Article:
Context & consideration is also enshrined in Article 5 of the Universal Declaration of Human Rights ‘No one shall be subjected to torture or to cruel, inhuman or degrading treatment or punishment.’

Jacobsen: How did you come to be interested or intrigued and then active in the euthanasia movement?

Coombe: When I realised that death is not as depicted in movies but can be in realty hard, cruel & protracted.

I was also intrigued in that my parents had joined SAVES & they were not really joiners – my mother being only a member of an animal welfare group & my father being a member of the local football club.

Jacobsen: How did you find the South Australian Voluntary Euthanasia Society?

Coombe: Through my parents.

Jacobsen: What tasks and responsibilities come with the leadership position, as the President of SAVES?

Coombe: Public speaking, fostering a team spirit of trust, co-operation & appreciation, setting an example of these qualities & being diligent in my own work. I think it is important as a leader to be respectful & considerate.

This of course extends to relations with Members of Parliament (MPs). SAVES works very closely with our MPs. It is also vital that a leader is not be threatened by new ideas.

Jacobsen: What are the main concerns, legally and socially, of the euthanasia movement and SAVES within South Australia now?

Coombe: SAVES is a law reform movement & as such does not get involved in helping people end their own lives. This would be illegal & counterproductive. To get a Bill passed in Parliament we need to be very separate from Dr. Nitschke who does provide such assistance.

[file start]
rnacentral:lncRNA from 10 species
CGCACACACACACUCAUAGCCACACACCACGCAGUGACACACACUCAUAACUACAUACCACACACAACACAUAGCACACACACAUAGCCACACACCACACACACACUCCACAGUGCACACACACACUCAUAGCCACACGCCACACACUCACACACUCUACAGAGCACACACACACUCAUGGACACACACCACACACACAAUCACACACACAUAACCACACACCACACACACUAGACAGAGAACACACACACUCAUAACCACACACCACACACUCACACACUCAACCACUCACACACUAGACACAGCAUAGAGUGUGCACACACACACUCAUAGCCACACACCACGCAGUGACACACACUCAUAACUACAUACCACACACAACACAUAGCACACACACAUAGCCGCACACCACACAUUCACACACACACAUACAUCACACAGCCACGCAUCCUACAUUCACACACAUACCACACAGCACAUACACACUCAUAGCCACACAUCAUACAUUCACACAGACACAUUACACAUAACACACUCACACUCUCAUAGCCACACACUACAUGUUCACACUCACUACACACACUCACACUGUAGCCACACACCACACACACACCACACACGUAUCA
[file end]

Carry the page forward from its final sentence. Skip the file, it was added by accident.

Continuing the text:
This is not to say we are against him – he provides the help people need now while we work to change the law. When we are staffing our information displays in public it is important that we are seen to be knowledgeable & respectful.

Jacobsen: How are euthanasia activists and organizations misrepresented? Who are they misrepresented by, typically? What truths dispel those myths?

Coombe: Misrepresentation mainly occurs from institutions & individuals that have an extremist religious outlook. This occurs through lies & deception, emotional wording such as “killing”, deliberate fear mongering. 

SAVES is an evidence based body – we base our information on research & both government & academic reports – see the newsletters we give to all SA MPs each Parlt sitting week – 71 to date https://www.saves.asn.au/newsletters.

Jacobsen: Any final feelings or thoughts based on the conversation today?

Coombe: It is important to acknowledge that a majority of Christians have long supported legalising VE, see https://christiansforve.org.au

Jacobsen: Thank you for the opportunity and your time, Frances.

Coombe: You’re welcome Scott – thank you for your work in helping secure a secular, rational world.

Do not forget to look into our associates: Godless Mom, Nice Mangoes, Sandwalk, Brainstorm Podcast, Left at the Valley, Life, the Universe & Everything Else, The Reality Check, Bad Science Watch, British Columbia Humanist Association, Dying With Dignity Canada, Canadian Secular Alliance, and Centre for Inquiry Canada.

Photo by Branislav Belko on Unsplash